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Darwin Correspondence Project

From G. H. Darwin   [after 5 August 1862]1

too much of a job & so F.2 & I got the tickets for Thursday night gratis. It was most awful fun & they were very good places. On Saturday we came down here with Aunt Sue.3 On Monday Birch4 & a lot of men (Ronnald)5 from his yatch came & had dinner here. Ernest couldn’t stop but had to go off to London early in the morning.6 They went back to their yatch at about 12 & sailed very early in the morning to the channel islands. On Tuesday I went to watch the Lythrums—& had a very wet scrummage.7

I caught 3 hive bees sucking & saw any number of others & also caught 5 flies sucking & saw lots of others; saw a butterfly (Pieris Rapæ) suck several flowers but could not catch it.

CD annotations

1.5 They went … islands. 1.6] crossed pencil


The date is established by the reference to George observing Lythrum salicaria (see n. 7, below) and by the reference to Susan Elizabeth Darwin (see n. 3, below).
Susan Elizabeth Darwin evidently joined George and Francis in London, and accompanied them on their visit to William Erasmus Darwin in Southampton. See also letter to W. E. Darwin, [2–3 August 1862], and letter from W. E. Darwin, 5 August 1862.
This individual has not been identified.
The reference is probably to Ronald Mackintosh, cousin of Ernest Hensleigh Wedgwood (see n. 6, below).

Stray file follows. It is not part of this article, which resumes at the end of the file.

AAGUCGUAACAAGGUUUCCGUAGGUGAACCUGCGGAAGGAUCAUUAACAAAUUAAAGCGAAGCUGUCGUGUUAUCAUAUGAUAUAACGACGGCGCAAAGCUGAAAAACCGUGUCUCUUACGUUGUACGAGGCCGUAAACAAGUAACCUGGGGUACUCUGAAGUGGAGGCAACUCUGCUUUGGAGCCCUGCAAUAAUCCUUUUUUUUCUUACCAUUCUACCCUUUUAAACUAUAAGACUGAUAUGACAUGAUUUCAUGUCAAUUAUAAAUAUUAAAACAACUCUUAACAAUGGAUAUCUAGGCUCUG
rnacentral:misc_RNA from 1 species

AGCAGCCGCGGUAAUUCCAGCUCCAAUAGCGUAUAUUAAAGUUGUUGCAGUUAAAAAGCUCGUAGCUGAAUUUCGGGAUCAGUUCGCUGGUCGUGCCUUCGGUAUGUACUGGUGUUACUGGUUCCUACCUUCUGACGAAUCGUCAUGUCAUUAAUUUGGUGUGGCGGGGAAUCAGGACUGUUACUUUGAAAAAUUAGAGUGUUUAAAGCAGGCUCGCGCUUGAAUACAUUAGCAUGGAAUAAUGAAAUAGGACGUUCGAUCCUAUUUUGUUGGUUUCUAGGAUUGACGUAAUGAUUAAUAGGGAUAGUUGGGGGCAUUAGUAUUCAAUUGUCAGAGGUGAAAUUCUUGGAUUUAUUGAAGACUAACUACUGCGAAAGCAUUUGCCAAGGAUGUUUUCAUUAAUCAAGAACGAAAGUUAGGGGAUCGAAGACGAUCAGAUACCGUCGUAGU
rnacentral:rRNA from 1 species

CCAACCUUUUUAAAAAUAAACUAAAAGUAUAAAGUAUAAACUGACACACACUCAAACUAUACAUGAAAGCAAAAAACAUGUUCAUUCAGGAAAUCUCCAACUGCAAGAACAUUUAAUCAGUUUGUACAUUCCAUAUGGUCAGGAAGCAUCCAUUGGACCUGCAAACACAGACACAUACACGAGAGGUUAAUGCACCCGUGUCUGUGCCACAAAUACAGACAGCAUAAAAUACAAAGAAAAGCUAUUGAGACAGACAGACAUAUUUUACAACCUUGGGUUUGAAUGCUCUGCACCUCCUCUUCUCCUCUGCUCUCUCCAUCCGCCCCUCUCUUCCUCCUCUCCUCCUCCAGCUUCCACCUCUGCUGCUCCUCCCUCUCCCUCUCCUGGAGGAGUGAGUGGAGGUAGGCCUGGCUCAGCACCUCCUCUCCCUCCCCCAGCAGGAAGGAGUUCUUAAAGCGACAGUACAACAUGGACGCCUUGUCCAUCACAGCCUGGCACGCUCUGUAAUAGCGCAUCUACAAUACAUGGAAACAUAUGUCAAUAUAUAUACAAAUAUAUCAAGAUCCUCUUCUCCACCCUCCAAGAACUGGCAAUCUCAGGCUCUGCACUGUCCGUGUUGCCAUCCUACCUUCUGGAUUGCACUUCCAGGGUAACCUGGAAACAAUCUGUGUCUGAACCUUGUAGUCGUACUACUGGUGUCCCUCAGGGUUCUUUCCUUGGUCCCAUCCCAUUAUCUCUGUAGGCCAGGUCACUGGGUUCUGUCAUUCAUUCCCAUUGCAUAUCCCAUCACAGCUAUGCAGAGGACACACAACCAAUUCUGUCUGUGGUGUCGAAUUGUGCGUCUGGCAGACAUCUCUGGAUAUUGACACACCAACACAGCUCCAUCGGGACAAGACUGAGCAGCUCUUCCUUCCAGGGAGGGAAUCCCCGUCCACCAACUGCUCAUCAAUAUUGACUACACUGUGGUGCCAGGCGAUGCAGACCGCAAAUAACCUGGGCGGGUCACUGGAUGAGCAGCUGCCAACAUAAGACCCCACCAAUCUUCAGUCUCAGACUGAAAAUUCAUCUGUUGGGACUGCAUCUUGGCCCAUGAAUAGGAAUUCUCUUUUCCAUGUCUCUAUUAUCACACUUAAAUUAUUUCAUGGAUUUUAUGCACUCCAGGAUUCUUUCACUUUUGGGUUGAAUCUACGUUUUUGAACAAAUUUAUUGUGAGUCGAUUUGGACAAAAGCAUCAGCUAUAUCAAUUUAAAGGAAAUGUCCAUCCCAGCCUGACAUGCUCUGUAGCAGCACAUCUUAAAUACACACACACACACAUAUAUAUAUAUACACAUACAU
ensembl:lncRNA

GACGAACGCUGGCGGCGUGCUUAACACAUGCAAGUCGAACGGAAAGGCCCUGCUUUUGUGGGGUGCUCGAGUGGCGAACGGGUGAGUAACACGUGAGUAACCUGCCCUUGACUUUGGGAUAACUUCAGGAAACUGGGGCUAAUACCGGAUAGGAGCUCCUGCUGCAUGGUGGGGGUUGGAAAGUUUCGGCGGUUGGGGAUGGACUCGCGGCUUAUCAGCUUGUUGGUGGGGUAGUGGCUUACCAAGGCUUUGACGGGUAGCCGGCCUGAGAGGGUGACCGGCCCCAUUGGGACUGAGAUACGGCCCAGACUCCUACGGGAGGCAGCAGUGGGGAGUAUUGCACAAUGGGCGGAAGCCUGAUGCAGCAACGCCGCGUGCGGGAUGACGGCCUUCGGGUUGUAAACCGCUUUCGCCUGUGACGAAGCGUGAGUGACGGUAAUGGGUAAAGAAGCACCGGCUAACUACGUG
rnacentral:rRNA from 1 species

George’s cousin, Ernest Hensleigh Wedgwood, was a clerk in the Colonial Office, London (Post Office London directory 1861).
In the letter to W. E. Darwin, [2–3 August 1862], CD asked George to observe the insects visiting Lythrum salicaria. CD discussed the necessity of insect pollination in this species, and described the insects involved, in ‘Three forms of Lythrum salicaria, pp. 175–6 (Collected papers 2: 111–12). See also letter from W. E. Darwin, 5 August 1862 and n. 9.


Collected papers: The collected papers of Charles Darwin. Edited by Paul H. Barrett. 2 vols. Chicago and London: University of Chicago Press. 1977.

Post Office London directory: Post-Office annual directory. … A list of the principal merchants, traders of eminence, &c. in the cities of London and Westminster, the borough of Southwark, and parts adjacent … general and special information relating to the Post Office. Post Office London directory. London: His Majesty’s Postmaster-General [and others]. 1802–1967.

‘Three forms of Lythrum salicaria’: On the sexual relations of the three forms of Lythrum salicaria. By Charles Darwin. [Read 16 June 1864.] Journal of the Linnean Society (Botany) 8 (1865): 169–96. [Collected papers 2: 106–31.]


Describes insects caught while visiting Lythrum.

Letter details

Letter no.
George Howard Darwin
Charles Robert Darwin
Sent from
Source of text
DAR 162: 90.1
Physical description
inc †

Please cite as

Darwin Correspondence Project, “Letter no. 3671,” accessed on 29 May 2023,

Also published in The Correspondence of Charles Darwin, vol. 10